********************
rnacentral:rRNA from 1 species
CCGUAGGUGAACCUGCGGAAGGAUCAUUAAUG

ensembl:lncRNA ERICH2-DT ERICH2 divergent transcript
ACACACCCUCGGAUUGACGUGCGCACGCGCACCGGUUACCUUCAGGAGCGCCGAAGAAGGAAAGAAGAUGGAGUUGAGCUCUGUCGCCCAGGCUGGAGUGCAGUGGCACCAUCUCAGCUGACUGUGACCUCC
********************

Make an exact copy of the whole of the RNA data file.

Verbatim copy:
rnacentral:rRNA from 1 species
CCGUAGGUGAACCUGCGGAAGGAUCAUUAAUG

ensembl:lncRNA ERICH2-DT ERICH2 divergent transcript
ACACACCCUCGGAUUGACGUGCGCACGCGCACCGGUUACCUUCAGGAGCGCCGAAGAAGGAAAGAAGAUGGAGUUGAGCUCUGUCGCCCAGGCUGGAGUGCAGUGGCACCAUCUCAGCUGACUGUGACCUCC